Originally we had planned to have a stainless steel arch made to hold solar panels but due to the delay in getting here and the season being cut short we decided to take matters into our own hands, and install two flexible panels on top of the Bimini.
Step 1 – Making the fabric frame to hold it in place. This was supposed to be the easy part but nothing is easy to do on a boat with limited space and constantly moving around. At least it was only 32.9 degrees inside the boat.
After a few alterations we eventually had a frame that fitted. The first attempt was too small, the second was too big, the third version was just right (this is starting to sound like a story about Goldilocks!!) The next challenge was to drill holes in the panel to attach clips which fix it to the frame….of course we didn’t have the right size drill bit!!
Step 2 – Installing onto the Bimini. Once the frames were made and fittings installed, we needed to attach them onto the Bimini. This was all measured out ready for sewing.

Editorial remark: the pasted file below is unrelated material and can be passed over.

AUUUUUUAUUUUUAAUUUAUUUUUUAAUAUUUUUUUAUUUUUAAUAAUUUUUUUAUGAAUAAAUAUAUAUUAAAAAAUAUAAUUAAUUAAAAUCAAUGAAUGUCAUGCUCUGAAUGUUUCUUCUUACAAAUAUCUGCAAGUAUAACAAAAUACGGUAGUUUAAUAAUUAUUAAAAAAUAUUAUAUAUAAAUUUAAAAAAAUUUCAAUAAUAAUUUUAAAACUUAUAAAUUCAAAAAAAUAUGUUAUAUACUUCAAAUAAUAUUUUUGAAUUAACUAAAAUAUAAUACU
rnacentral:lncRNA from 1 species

Once it was all marked up we removed the Bimini to sew the frame onto it. We have a heavy duty Sailrite sewing machine on board, it has an engine almost as big and heavy as the boat engine but as we were anchored we didn’t have electric to run it, so had to hand crank it. After a while I had to call in extra muscle to help, Paul threw his full weight into the job while I just sat and carried out the highly skilled task of guiding the needle. (It was just like having an electric motor, not sure that Paul would agree!)
Step 3 – Wiring it all up. The plan was to run the cables down the Bimini frame, remove the old cigarette lighter socket in the cockpit and run the cables through in place of it, then keeping the wires concealed behind the cabin mouldings, through to the side cabin, down to the engine room, under the floorboards to the back cabin and into the battery bank which is under the bed! This appeared to be the simplest and shortest route! Not quite as simple as we hoped, trying to get two cables through a space that was hardly big enough for one, with bends that were impossible to reach. We became expert contortionists, however with a length of string and a bit of brute force, the cables were finally through.
With all the wiring in place, we are now ready to start the next big job which is to replace the existing batteries with new lithium batteries and install the charging controller to connect the panels to.